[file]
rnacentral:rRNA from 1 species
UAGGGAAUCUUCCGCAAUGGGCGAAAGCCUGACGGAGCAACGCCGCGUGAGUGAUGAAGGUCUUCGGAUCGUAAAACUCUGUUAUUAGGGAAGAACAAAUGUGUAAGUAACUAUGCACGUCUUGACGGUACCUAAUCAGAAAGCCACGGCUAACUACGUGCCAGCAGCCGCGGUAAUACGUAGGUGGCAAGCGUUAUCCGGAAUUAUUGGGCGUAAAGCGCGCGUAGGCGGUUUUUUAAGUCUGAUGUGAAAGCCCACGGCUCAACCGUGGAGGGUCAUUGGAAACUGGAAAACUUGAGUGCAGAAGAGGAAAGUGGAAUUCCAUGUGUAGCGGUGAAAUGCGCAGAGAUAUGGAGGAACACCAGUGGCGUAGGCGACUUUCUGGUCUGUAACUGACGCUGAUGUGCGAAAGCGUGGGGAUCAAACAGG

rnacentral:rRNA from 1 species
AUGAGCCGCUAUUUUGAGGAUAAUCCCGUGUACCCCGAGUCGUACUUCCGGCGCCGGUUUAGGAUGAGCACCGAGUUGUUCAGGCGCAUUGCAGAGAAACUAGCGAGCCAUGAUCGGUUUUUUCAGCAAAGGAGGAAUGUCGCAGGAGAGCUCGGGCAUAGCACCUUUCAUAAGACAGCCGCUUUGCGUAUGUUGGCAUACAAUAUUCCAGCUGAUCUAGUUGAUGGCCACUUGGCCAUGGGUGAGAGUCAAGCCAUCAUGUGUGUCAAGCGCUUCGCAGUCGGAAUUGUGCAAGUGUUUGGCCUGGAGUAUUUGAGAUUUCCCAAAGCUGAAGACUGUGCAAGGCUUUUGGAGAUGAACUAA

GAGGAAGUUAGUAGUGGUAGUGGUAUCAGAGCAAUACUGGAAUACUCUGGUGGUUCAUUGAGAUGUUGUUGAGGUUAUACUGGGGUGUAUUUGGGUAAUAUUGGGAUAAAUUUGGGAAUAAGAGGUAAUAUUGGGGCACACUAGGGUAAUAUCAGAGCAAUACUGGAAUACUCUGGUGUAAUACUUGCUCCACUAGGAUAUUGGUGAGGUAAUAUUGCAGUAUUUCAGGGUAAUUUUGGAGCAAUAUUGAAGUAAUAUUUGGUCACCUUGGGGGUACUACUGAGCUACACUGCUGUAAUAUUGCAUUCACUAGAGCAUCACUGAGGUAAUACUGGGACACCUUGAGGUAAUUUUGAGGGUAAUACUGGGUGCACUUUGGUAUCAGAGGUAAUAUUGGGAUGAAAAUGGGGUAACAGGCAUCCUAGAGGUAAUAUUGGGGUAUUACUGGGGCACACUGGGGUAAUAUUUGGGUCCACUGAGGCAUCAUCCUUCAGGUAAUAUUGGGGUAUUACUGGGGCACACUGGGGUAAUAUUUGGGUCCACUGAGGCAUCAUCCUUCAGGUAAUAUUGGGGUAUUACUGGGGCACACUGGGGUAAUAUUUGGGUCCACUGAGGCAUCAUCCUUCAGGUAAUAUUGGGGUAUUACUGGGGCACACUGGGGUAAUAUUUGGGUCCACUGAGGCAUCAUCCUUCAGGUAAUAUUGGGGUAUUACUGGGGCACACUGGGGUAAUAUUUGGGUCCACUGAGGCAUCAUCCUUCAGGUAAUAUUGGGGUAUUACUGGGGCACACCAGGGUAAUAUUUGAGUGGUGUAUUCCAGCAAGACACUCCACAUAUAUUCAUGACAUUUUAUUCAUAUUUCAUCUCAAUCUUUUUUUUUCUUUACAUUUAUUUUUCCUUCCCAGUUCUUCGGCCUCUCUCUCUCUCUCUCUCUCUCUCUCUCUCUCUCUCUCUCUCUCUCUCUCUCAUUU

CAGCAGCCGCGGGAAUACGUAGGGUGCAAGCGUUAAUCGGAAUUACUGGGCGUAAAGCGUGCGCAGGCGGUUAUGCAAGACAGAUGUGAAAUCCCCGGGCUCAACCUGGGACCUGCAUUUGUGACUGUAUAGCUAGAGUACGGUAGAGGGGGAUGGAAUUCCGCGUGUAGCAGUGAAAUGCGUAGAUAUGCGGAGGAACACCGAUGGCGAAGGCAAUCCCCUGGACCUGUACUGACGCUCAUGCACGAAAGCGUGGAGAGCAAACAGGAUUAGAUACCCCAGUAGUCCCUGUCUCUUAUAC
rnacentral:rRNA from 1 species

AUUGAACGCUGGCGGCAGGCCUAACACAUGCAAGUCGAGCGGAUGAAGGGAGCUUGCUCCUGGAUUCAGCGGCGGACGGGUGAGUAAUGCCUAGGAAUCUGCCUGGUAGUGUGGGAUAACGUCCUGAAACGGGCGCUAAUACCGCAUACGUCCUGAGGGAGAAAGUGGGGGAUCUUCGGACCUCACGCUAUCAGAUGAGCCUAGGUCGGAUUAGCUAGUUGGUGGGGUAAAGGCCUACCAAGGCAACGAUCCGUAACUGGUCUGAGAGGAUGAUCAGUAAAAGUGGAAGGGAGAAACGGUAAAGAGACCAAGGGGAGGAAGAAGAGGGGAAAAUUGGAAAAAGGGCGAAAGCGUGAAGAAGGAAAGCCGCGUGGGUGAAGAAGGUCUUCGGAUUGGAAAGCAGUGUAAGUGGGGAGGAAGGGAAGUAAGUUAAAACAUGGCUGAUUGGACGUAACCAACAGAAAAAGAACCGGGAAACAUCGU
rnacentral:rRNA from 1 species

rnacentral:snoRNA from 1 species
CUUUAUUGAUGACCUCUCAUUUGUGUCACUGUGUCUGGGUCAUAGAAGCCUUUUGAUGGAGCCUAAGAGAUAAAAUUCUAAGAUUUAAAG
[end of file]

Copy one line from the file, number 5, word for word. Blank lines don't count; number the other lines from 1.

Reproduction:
GAGGAAGUUAGUAGUGGUAGUGGUAUCAGAGCAAUACUGGAAUACUCUGGUGGUUCAUUGAGAUGUUGUUGAGGUUAUACUGGGGUGUAUUUGGGUAAUAUUGGGAUAAAUUUGGGAAUAAGAGGUAAUAUUGGGGCACACUAGGGUAAUAUCAGAGCAAUACUGGAAUACUCUGGUGUAAUACUUGCUCCACUAGGAUAUUGGUGAGGUAAUAUUGCAGUAUUUCAGGGUAAUUUUGGAGCAAUAUUGAAGUAAUAUUUGGUCACCUUGGGGGUACUACUGAGCUACACUGCUGUAAUAUUGCAUUCACUAGAGCAUCACUGAGGUAAUACUGGGACACCUUGAGGUAAUUUUGAGGGUAAUACUGGGUGCACUUUGGUAUCAGAGGUAAUAUUGGGAUGAAAAUGGGGUAACAGGCAUCCUAGAGGUAAUAUUGGGGUAUUACUGGGGCACACUGGGGUAAUAUUUGGGUCCACUGAGGCAUCAUCCUUCAGGUAAUAUUGGGGUAUUACUGGGGCACACUGGGGUAAUAUUUGGGUCCACUGAGGCAUCAUCCUUCAGGUAAUAUUGGGGUAUUACUGGGGCACACUGGGGUAAUAUUUGGGUCCACUGAGGCAUCAUCCUUCAGGUAAUAUUGGGGUAUUACUGGGGCACACUGGGGUAAUAUUUGGGUCCACUGAGGCAUCAUCCUUCAGGUAAUAUUGGGGUAUUACUGGGGCACACUGGGGUAAUAUUUGGGUCCACUGAGGCAUCAUCCUUCAGGUAAUAUUGGGGUAUUACUGGGGCACACCAGGGUAAUAUUUGAGUGGUGUAUUCCAGCAAGACACUCCACAUAUAUUCAUGACAUUUUAUUCAUAUUUCAUCUCAAUCUUUUUUUUUCUUUACAUUUAUUUUUCCUUCCCAGUUCUUCGGCCUCUCUCUCUCUCUCUCUCUCUCUCUCUCUCUCUCUCUCUCUCUCUCUCUCUCAUUU